“The thing that I go to the grocery store for is milk and butter,” Trainor said.

He said he only deviates to the produce section “for an ego boost.”

Stores, he said, select vegetables that look the best and keep the longest. They cannot compete with his on flavor or nutrition.

Growing and managing the vegetables is a constant learning process. Schools don’t offer degrees in vegetable farming, but Trainor has learned much from friends in the welcoming atmosphere of the organic farming business. Secrets and tips are shared, not hidden.

“I have dozens of farm friends who want to see me succeed,” Trainor said.

“One thing that’s really wonderful is the people who find themselves in this line of work are really passion-based and they really want to do it.”

Enthusiasm helps because organic farming has plenty of challenges. Trainor said he is losing some of his crops to flea beetle this year. He lays insect netting and keeps it in place with heavy sandbags, which is more difficult than using a spray hose attached to a backpack full of pesticide.

“You learn to work with loss,” Trainor said.

Weather determines the day’s tasks. The home page on Trainor’s computer is the National Oceanic and Atmospheric Administration, and he said he checks its app about 16 times per day.

New organic farming tools and techniques are often developed. Some are flops but others are game changers.

One big time saver Trainor purchased last year from John Hendrickson of Stone Circle Farm in Reeseville is a Japanese paper pot system and transplanter. Plants start in the greenhouse, each in a paper pot that together looks like honeycomb. When they are transplanted, at a rate as fast as the worker can walk, the machine pulls the paper apart and each plant gets set either two, four or six inches from the next.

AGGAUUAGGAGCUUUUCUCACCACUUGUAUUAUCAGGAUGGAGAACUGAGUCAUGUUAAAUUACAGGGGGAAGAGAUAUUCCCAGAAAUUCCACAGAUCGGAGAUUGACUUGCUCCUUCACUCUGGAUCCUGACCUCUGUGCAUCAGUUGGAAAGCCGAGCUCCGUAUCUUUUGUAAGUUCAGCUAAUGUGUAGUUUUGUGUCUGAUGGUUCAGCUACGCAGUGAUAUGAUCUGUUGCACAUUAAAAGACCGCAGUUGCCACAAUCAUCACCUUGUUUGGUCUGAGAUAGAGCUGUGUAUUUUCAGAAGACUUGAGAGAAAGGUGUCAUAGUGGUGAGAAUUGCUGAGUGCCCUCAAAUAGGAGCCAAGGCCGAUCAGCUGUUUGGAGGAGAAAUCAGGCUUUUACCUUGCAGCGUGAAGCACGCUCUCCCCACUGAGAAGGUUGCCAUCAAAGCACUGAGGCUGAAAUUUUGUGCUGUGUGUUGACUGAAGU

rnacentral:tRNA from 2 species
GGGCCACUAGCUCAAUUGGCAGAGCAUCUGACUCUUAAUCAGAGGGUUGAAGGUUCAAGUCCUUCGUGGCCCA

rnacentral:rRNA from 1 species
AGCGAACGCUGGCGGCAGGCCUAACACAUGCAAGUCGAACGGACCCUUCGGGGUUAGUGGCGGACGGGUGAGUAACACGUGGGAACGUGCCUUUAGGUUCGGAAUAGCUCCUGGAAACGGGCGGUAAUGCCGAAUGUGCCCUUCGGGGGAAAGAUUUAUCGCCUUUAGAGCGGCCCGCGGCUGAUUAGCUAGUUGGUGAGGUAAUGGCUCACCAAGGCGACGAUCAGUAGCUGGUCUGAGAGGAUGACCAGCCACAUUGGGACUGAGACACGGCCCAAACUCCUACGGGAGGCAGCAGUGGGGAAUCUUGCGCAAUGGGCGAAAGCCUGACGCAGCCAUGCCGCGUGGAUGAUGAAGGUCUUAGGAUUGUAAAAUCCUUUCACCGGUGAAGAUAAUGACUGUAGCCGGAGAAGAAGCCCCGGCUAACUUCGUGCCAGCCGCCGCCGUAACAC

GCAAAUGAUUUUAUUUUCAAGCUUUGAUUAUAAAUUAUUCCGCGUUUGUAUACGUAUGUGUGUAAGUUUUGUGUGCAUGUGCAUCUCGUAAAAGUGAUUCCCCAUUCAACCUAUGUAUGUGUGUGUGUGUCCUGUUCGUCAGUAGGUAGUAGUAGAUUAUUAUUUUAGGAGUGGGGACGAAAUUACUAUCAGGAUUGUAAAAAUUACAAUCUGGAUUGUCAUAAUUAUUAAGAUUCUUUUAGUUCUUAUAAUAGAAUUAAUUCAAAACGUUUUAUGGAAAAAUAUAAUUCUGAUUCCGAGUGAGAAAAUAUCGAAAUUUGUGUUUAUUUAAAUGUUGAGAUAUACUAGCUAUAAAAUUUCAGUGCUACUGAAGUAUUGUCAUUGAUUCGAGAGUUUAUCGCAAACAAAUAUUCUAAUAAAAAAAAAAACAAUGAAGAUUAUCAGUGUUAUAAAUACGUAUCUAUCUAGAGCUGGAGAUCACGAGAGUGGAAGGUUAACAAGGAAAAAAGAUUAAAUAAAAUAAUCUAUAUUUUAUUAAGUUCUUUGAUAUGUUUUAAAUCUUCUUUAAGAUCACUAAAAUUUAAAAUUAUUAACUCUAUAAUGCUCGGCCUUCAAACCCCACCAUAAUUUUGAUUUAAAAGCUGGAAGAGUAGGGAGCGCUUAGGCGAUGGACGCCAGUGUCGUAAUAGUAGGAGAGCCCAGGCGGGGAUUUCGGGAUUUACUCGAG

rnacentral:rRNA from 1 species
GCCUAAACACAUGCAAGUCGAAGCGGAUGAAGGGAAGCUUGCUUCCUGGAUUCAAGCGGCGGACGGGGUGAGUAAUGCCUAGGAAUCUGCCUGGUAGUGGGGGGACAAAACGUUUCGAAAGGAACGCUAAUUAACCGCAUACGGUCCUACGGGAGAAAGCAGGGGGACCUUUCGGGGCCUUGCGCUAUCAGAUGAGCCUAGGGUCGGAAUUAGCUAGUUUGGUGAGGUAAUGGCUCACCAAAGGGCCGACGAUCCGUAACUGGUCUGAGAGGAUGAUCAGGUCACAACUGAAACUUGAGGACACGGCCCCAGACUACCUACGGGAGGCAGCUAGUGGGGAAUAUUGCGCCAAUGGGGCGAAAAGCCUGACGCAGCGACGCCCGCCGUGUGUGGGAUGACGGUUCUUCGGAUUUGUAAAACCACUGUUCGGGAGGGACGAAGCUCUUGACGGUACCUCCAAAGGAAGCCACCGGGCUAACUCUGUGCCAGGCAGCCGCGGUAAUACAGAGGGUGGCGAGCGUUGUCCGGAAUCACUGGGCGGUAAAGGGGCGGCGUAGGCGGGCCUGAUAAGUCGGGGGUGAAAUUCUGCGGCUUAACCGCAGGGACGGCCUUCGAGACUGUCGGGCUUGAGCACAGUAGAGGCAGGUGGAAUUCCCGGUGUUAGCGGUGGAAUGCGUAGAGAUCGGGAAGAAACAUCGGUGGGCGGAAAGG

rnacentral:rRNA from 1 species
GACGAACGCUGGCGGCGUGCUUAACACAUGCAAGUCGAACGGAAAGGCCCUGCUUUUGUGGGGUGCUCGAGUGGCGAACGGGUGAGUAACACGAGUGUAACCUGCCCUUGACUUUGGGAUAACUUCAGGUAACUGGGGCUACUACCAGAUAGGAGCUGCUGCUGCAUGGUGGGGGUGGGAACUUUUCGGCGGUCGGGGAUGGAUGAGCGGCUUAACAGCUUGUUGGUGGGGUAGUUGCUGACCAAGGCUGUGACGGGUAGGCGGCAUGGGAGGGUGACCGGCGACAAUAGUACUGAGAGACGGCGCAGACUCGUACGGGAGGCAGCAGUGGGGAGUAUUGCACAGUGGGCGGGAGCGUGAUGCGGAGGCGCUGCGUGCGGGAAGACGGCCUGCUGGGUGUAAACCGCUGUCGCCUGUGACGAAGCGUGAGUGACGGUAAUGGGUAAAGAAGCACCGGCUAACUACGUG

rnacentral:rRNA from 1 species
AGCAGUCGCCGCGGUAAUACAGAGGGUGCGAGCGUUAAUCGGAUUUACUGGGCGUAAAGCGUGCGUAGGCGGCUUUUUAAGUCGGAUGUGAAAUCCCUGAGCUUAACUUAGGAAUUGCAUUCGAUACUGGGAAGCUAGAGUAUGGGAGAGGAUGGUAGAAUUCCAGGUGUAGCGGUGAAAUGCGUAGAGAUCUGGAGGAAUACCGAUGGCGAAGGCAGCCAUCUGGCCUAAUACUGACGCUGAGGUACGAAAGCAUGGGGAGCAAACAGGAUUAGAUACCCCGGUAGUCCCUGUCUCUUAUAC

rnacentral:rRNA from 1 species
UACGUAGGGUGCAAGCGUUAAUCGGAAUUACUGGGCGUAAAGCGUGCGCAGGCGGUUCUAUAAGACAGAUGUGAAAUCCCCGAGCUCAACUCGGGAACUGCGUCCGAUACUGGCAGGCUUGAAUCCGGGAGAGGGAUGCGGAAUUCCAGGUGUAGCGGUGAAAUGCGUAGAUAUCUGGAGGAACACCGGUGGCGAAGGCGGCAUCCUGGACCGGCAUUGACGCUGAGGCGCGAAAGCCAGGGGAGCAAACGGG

Compared to hand planting, Trainor said, he went from 32 hours to 2.5 hours of labor for crops such as spinach, beets, scallions, onions and radishes. That allows crew members to tackle other tasks.

After last year’s first planting, Trainor said, “I think this thing just validated itself.”

Maintaining the farm’s organic status is more of a paperwork chore. When a representative of MOSA Certified Organic, a USDA approved certification organization, visits, information is sought on when a randomly selected vegetable is sold, where it was planted, where the seed came from and its seed tag.

“It’s the most stressful day of the year,” Trainer said. “Record keeping is a part-time job for me, but I’ve gotten really good at spreadsheets.”

Trainor does field cleanup and shuts down for winter around the end of November. His 12 to 14-hours-per-day schedule finally slows to about 20 hours per week, with time mostly spent on paperwork, promotion and talking to friendly customers at the winter farmers market.

He enjoys the break, but spring can’t come fast enough.

“My favorite is the cultivating. I can’t wait until late May when I’m doing that,” he said.

Being outside most of the day comes with a certain placidity. A CSA member mentioned hearing birds in the background during a recent phone call.

“I’m sure the mental health benefits go a long way,” Trainor said.

He has even come to appreciate weeding by hand. “It’s hard labor, but I like that it’s rewarding,” he said.

For more information on Winterspring and its CSA program, visit www.winterspringcsa.com.

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Wisconsin’s largest paid circulation community weekly newspaper. Serving Port Washington, Saukville, Grafton, Fredonia, Belgium, as well as Ozaukee County government. Locally owned and printed in Port Washington, Wisconsin.